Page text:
Sparks start 20-acre blaze
Sparks sent flying by a metal grinder ignited a 20-acre fire south of Alta Sierra Thursday, which mobilized firefighters across western Nevada County and elsewhere.
Workers at Kuma Corp., which sits at the end of Halcon Crest Court near Highway 49 and Cherry Creek Road, were grinding a metal I-beam about seven feet from a grassy uphill slope – three feet shy of the legal minimum – according to the California Department of Forestry and Fire Protection.
The flames quickly spread upward past a cluster of live oaks, a couple of which exploded, according to one witness.
“It just blossomed,” said Battalion Chief Rob Paulus of the California Department of Forestry and Fire Protection. “It just really exploded up that hill … and the challenge was really to pin it down before it hit Alta Sierra.”
Air and ground crews worked from 3:48 p.m. until 6:30 p.m. before the fire was contained. Crews were expected to work through the night putting out hot spots. No buildings were damaged, although six were threatened, Paulus said, and no one was injured.
Kuma Corp., an environmental services business, will be billed for the suppression costs because there wasn’t sufficient clearance between the grinder and vegetation, said CDF Captain Specialist Fred Lopez, the fire investigator.
“The law requires 10 feet, but 10 feet’s not nearly enough. We’d like to see 20 feet,” Lopez said, noting workers tried to douse the flames with a water hose.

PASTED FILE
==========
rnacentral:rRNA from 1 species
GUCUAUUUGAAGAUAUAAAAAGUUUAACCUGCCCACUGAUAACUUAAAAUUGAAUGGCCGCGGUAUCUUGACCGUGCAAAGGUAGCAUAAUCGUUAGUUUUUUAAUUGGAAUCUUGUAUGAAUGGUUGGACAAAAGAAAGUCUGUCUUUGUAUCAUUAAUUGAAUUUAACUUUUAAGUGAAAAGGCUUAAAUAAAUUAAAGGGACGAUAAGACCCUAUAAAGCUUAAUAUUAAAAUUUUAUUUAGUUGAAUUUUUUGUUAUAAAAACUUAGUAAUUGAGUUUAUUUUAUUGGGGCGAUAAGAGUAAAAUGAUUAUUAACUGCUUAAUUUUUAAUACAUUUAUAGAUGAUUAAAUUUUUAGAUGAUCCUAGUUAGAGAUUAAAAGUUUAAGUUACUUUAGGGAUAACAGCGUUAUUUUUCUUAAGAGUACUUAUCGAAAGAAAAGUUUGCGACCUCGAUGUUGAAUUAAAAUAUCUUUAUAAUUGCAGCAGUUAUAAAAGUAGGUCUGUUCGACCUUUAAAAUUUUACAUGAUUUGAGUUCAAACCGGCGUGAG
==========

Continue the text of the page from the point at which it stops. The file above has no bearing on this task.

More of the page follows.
Suppression costs haven’t been tabulated but might be substantial. Six air tankers, an air attack plane, two helicopters, six water tenders and 35 fire engines responded.
Carol Kawamoto, who identified herself as a property owner at the Kuma Corp. site, declined comment.
Smoke was first spotted by a worker at the Wolf Mountain Lookout, and CDF received a flurry of 911 calls after that. One came from Chris Petersen, a contractor building a house on the property.
“I did my deed for the day,” he said.
Neighbor Tami Adams thought he did more than that, and was grateful.
“A strange man comes in my front door and said, ‘Get your kids! Fire!'” Adams said.
Flames were stopped within a few dozen feet of her fence line.
On the fire’s back side along Buck Mountain Road, residents watched nervously as the fire climbed to the ridge. Helicopters emptied water buckets while tanker pilots dropped retardant.
“It’s down now pretty good, but there were flames blazing pretty good,” Don Nachtegaele said from the corner of Fairview Drive and Valkenburg Lane as ashes fell from the sky.
No evacuations were ordered, but deputies and firefighters alerted residents.
Joe Rickman casually watered down his house on Valkenburg. “I’m not the kind of guy who worries,” he said. “I’m just doing it because I don’t have anything to do.”
Besides all of western Nevada County’s firefighters, help also arrived from outside CDF units, and fire districts from Rocklin, Placer Hills, South Placer, Loomis and the state Office of Emergency Services.
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